Few fields move as rapidly as technology. Businesses creating outsized profits and returns for shareholders quickly get a bull's-eye painted on their back as they become targets of other companies looking to disrupt their products by selling cheaper alternatives that still prove "good enough." Not only that, but even if a company continues to dominate its particular field, other changes in technology can shift spending away from their products. Think about how Microsoft (Nasdaq: MSFT) still dominates PCs but feels pressure from the sales shift toward mobile devices such as smartphones and tablets.

With that in mind, today we're looking at how Microsoft innovates. Technology companies can innovate either through acquisitions or by spending more money on research and development. We'll compare Microsoft's spending in these areas with that of its closest peers and assess whether the company is investing enough in its future.

Research and development
Over the past five years, Microsoft has spent an average of 14% of revenues on R&D. The following table summarizes how Microsoft's R&D expenditure relative to revenues compares with some of the company's closest peers.

Company

2006

2007

2008

2009

2010

LTM

Microsoft

15%

14%

14%

15%

14%

13%

Apple

4%

3%

3%

3%

3%

2%

Google

12%

13%

13%

12%

13%

13%

Source: Capital IQ, a division of Standard & Poor's. LTM = last 12 months. Dates above are calendar years; yearly total is for company fiscal years closing in that period.

As you can see, Microsoft significantly outspends its rivals on R&D. But the comparison with Apple isn't completely, well, apples-to-apples. Microsoft makes the vast majority of its revenues on high-margin software, but Apple has significantly more hardware exposure. Differences in the companies' business models should mean Microsoft would have a higher R&D spend as a percentage of sales.

Still, the fact that Apple's R&D spend is only 18% the size of Microsoft's is telling. Although Microsoft has a large R&D wing, projects are often unfocused or difficult to bring to the market, and there are dozens of large-scale research initiatives constantly in progress at the company. That approach hasn't been working. Despite realizing the power of tablets earlier in the decade, the company was never able to introduce its own concept that consumers gravitated toward. The one tablet project that looked to have consumer appeal, the Courier, was squashed before it even saw retail shelves. In contrast, Apple's R&D process has a more laser-like focus on improving existing platforms to address user demands. Any way you slice it, Apple's tighter focus on a few product lines in its research spend has given it the best return on investment in its peer group.

Acquisitions
In technology, some of the best companies have turned growth through acquisitions into an art. IBM has adeptly spun off capital-heavy businesses such as the hard-drive and PC segments, while it focused on acquiring additional services and software expertise that have transformed its business model.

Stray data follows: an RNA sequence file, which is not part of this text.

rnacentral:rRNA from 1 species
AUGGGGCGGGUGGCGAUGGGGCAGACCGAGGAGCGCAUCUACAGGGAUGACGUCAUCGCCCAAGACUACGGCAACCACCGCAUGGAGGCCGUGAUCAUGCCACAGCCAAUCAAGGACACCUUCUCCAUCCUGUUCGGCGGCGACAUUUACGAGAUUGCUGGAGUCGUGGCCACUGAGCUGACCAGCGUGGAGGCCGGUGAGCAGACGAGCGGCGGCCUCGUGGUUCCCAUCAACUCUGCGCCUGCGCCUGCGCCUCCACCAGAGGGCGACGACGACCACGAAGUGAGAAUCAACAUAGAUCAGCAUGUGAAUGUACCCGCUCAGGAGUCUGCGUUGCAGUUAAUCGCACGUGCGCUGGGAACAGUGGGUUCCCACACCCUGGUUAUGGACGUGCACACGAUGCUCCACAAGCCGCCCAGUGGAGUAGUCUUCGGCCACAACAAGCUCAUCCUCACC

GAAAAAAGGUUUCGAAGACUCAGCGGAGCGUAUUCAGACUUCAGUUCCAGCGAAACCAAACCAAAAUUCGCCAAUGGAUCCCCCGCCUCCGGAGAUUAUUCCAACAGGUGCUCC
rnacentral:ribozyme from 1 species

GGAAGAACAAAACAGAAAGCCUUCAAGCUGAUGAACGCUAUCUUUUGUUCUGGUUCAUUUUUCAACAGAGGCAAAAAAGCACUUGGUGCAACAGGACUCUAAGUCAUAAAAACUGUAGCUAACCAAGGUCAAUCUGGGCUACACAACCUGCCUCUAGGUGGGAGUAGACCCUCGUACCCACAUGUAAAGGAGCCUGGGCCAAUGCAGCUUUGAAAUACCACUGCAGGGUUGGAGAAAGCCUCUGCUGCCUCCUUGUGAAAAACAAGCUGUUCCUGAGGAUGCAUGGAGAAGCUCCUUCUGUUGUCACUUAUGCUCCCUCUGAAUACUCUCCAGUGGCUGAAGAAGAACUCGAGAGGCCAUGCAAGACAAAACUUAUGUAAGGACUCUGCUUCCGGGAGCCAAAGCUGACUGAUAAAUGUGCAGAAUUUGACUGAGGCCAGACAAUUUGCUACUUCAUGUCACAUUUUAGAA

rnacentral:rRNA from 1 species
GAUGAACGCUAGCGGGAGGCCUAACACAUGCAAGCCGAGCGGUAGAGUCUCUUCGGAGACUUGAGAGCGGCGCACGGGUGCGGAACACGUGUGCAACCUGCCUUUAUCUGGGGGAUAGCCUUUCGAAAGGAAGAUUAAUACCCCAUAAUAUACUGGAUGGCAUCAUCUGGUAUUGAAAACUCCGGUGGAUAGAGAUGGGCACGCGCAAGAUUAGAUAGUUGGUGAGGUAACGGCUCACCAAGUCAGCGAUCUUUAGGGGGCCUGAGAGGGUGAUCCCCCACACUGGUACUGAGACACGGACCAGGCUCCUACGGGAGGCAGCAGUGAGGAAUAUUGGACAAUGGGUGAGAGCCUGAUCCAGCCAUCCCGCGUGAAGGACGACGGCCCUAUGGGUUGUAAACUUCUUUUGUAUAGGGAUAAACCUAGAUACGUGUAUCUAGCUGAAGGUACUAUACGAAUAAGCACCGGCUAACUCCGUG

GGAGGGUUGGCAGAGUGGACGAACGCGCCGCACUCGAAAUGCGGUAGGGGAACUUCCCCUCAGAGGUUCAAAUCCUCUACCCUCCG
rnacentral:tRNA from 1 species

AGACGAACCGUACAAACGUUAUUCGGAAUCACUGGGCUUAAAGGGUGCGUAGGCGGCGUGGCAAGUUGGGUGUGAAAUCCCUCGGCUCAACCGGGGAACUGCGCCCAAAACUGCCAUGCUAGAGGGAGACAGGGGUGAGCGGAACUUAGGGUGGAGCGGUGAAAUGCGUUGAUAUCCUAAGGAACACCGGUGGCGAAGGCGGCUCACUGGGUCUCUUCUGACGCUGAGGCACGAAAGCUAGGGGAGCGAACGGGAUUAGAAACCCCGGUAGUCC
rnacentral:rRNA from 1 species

On the opposite end of the spectrum, Hewlett-Packard is often criticized for underinvesting in R&D, to the point that it has to overpay on acquisitions to catch up with its competitors.

Investors should remember, most of all, that companies are valued by the cash flow they can bring in for their shareholders over time. If companies need to continue making purchases in perpetuity to keep growing, that amounts to a reduction in cash flows, and investors should treat acquisition spending as a continuing outflow against cash flow.

Let's look at Microsoft's free cash flow over the past five years against cash spent on acquisitions.

Source: Capital IQ, a division of Standard & Poor's. Dates above are calendar years; yearly total is for company fiscal years closing in that period.

Although the company is highly acquisitive, Microsoft's cash flows are still robust, even after accounting for acquisitions. More importantly, organic growth is probably very similar to overall growth, since most acquisitions seem to be for companies that sport high price-to-sales multiples and that Microsoft believes will plug technology holes.

Final thoughts
It wouldn't surprise me if the company became significantly more acquisitive moving forward. Although acquisitions that the company managed to close have largely been for companies with technology Microsoft lacked, remember that the company also made an enormous offer for Yahoo! a mere three years ago. Meanwhile, after Microsoft and Nokia tightened their relationship recently, it wouldn't shock me to see industry dynamics shake out in a way that Microsoft could even be interested in Nokia in coming years. If anything, Microsoft's recent $8.5 billion Skype acquisition shows that the company will be willing to spend heavily to catch up in growth markets in the coming years.

That approach might give Microsoft the best shot at staying relevant as computing becomes more mobile, but it could also be a scary thought for value investors looking to cash in on Microsoft's rock-bottom valuation.

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Eric Bleeker owns shares of no companies listed above. The Motley Fool owns shares of Microsoft, Apple, IBM, Yahoo!, and Google. Motley Fool newsletter services have recommended buying shares of Google, Yahoo!, Apple, and Microsoft and have also recommended creating a diagonal call position in Microsoft and a bull call spread position in Apple. Try any of our Foolish newsletter services free for 30 days. We Fools don't all hold the same opinions, but we all believe that considering a diverse range of insights makes us better investors. The Motley Fool has a disclosure policy.